It is quite hard to imagine what these fishermen were thinking while fighting these in these massive sharks. Sometimes the catch was unintentional, other times it was on purpose, but this is without a doubt the most insane level of fishing one can achieve in terms of fight. These fishermen were up against true sea monsters, lurking in the depths for years before some lucky individual presented the perfect meal.

Check these six sharks out for yourself:


6. Bull Shark (697 pounds)

Bull sharks are known to live in freshwater habitats miles from the ocean. One was even reportedly caught as far north as Illinois. However, the big ones still patrol the ocean depths. At a solid 697 pounds, the official certified record was taken off the coast of Kenya.


5. Thresher Shark (1,250 pounds)

At a whopping 32 feet (most of which is that signature tail), the world record thresher shark stands at 1,250 pounds. A British fisherman captured this monster while fishing for squid off the English coast.


4. Hammerhead (1,280 pounds)

Hammerheads are odd looking creatures, and 1,280 pounds they look even weirder. The fisherman who claims this world record title was actually tarpon fishing at the time down in Florida with a 20-pound stingray.

3. Mako Shark (1,323 pounds)

The mako is distributed across both the Atlantic to the Pacific, making it relatively common shark. The record hails from the blue waters off Huntington Beach in Southern California. At a staggering 1,323 pounds, this mako made headlines.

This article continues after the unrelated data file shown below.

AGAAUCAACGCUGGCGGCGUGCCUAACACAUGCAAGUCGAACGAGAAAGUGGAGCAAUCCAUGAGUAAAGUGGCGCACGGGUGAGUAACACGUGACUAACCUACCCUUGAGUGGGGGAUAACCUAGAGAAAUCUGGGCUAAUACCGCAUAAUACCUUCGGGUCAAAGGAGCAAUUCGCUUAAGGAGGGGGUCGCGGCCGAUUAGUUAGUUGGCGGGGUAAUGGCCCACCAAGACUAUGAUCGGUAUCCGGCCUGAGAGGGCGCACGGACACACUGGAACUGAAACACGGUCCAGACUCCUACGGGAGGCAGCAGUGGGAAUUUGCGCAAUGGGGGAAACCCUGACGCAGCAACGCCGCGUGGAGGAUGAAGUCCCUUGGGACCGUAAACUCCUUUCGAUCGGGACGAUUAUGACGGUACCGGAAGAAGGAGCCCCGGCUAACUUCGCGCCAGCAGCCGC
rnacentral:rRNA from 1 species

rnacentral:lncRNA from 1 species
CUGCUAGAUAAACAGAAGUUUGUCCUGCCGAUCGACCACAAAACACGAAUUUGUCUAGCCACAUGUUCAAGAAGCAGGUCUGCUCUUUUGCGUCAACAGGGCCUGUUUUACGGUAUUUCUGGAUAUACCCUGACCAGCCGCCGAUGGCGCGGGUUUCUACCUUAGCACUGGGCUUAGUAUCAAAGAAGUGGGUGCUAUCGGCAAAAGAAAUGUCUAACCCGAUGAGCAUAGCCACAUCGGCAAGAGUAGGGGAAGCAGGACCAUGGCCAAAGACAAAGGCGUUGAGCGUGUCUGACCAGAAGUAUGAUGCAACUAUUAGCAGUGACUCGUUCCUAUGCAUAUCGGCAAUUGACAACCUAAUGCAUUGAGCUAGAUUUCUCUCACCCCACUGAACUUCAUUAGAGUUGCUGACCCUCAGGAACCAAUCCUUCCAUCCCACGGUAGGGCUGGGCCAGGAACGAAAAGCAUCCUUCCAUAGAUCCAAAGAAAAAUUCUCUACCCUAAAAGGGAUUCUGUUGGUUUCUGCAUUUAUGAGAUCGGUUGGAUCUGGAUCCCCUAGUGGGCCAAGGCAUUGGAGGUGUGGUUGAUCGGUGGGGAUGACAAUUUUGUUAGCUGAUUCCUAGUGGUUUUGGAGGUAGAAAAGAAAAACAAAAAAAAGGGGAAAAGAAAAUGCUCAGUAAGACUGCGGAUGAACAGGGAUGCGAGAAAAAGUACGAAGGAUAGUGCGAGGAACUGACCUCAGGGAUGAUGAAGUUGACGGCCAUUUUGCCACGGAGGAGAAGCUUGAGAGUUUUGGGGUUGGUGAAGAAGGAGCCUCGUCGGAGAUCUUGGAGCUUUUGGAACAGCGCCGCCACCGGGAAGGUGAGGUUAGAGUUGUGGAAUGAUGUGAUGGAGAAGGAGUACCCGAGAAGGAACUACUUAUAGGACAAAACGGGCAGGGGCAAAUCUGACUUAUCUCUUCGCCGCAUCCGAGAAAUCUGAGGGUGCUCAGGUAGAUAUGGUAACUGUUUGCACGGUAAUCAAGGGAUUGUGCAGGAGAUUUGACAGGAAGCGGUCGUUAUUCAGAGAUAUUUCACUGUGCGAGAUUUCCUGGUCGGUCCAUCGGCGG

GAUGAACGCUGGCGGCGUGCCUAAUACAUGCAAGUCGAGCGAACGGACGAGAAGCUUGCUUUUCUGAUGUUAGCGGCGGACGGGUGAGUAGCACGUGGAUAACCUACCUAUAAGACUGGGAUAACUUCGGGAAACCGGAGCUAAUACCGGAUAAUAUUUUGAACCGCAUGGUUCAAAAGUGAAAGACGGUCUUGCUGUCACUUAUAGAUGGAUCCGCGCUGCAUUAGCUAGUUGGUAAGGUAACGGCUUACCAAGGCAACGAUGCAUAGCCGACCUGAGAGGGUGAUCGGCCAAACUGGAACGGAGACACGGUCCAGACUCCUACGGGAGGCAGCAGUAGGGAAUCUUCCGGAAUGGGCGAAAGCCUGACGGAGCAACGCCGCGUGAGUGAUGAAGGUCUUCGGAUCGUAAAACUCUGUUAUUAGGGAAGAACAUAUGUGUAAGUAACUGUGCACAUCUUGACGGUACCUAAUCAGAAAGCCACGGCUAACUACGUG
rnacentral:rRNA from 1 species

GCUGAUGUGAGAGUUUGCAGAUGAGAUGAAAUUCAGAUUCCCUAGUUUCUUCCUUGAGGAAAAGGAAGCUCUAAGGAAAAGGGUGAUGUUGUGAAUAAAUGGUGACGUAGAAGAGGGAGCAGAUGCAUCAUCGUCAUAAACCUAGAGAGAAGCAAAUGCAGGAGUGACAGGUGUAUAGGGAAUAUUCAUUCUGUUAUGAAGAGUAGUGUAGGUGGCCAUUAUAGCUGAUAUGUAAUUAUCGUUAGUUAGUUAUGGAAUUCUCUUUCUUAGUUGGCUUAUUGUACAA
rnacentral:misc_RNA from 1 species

2. Tiger Shark (1,785 pounds)

This variety of shark will eat just about anything; from license plates to jellyfish, the tiger shark’s aggressive feeding habits spell trouble if you ever run into one. The current record stands at 1,785 pounds coming from the coast of Ulladulla, Australia.


1. Great White (2,664 pounds)

In 1959, a man named Alf Dean reeled in the world record great white catch in Australia with a mind boggling 2,664 pound bruiser. The even crazier part is he used a porpoise to lure it in. All of these records will be tough to top, but times have changed since the late 1950’s and this record will like stand forever thanks to great whites being listed as an endangered species. The reality of Jaws is right here folks. A shark this big must have been quite the catch.

Greg May
About the Author

When he's not interning at the Gunn&Hook world headquarters in Fort Worth, Greg is either attending class at TCU or wetting a line in Montana.